When the PLO ‘returned’ to the West Bank and Gaza Strip as a result of the Oslo Accords, it was for many of them the first time they had stepped foot on the soil they were fighting for since 1948 or ’67. It was not surprising then—albeit a bit ironic—that none of them had ever seen an Israeli settlement in person, or the way they strategically hindered the emergence of what the PLO thought would be their new state.
The ignorance to these facts on the ground, the lack of research, organization and planning had direct consequences on the outcome of negotiations between high-ranking members of the PLO and their Israeli counterparts. The outcome of their dismal performance at the negotiation table were a series of agreements that left the Palestinian community chopped up and compartmentalized while ensuring that the type of intifada that had forced international recognition of Palestinian self determination in the first place, would never happen again.
Azmi Bishara, a well-known former Palestinian member of the Israeli Knesset, speaking in a documentary interview in 1998 said: “I don’t know why people analyze it as if Oslo was supposed to provide the answer to the crisis of the [Palestinian] national movement. It was supposed to provide the answer to the crisis of the PLO. What is being built here—in the realities that we face—is not a two-state solution, it is a demographic separation without sovereignty. Now demographic separation without sovereignty has one name in history, it is called apartheid. It has no other name. You are separating two groups, one with sovereignty and the other not. This is apartheid, this is not two states.”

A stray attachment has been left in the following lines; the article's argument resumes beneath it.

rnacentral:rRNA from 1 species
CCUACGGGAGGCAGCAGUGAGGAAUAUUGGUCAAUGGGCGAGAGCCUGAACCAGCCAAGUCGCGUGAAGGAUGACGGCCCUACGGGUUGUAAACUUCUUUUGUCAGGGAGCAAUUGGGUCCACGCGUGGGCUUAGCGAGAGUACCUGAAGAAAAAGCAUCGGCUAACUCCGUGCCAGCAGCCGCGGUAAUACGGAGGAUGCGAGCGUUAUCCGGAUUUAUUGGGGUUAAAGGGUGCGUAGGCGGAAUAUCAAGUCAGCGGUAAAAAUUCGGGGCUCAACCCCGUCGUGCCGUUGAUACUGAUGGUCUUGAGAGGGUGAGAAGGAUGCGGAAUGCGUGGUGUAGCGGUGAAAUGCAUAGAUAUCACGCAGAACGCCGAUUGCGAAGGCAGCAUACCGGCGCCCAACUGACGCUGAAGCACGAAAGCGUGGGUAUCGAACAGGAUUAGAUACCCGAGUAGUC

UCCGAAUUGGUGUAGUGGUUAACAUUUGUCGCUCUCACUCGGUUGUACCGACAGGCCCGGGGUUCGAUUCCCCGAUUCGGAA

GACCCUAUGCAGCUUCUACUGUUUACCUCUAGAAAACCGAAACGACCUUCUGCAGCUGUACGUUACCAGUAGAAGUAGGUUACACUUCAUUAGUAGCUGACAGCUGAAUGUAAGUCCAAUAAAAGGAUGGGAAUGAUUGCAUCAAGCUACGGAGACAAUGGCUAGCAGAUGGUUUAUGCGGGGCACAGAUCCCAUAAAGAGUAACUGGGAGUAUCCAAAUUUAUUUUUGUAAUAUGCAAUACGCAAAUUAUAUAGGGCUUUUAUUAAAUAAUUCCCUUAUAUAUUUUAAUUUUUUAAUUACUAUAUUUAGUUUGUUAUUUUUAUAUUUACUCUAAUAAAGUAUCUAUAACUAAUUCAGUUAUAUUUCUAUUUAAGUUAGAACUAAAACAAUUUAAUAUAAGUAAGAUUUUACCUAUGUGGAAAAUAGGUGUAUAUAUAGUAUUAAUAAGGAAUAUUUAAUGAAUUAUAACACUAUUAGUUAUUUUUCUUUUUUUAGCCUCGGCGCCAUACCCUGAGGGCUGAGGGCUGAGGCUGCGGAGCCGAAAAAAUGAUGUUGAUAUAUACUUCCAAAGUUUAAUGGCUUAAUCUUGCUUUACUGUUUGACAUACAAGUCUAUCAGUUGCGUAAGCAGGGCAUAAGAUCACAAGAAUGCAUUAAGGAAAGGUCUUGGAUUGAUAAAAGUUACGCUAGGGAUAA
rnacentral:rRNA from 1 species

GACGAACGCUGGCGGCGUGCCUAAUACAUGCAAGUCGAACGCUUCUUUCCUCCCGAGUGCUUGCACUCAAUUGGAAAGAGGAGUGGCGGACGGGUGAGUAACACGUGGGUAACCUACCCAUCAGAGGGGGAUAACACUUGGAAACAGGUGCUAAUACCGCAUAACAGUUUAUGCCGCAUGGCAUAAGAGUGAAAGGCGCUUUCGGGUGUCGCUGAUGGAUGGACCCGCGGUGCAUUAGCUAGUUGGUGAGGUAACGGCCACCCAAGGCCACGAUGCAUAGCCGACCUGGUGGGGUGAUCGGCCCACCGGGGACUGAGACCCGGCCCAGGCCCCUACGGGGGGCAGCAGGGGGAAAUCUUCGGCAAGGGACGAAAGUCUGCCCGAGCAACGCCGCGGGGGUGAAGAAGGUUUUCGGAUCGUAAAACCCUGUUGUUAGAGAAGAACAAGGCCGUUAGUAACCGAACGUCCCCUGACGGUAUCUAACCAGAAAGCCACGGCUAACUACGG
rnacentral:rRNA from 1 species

Compounding this was the autocratic governing style of Yasser Arafat that left a terrible legacy of corruption, repression and unaccountability.
“He didn’t undergo a transformation smoothly from a revolutionary leader into a statesman. It was very difficult for him, particularly to deal with institutions and laws and accountability,” says Ashrawi. “In many ways he undermined the institutions or didn’t always work within the institutions and the system.”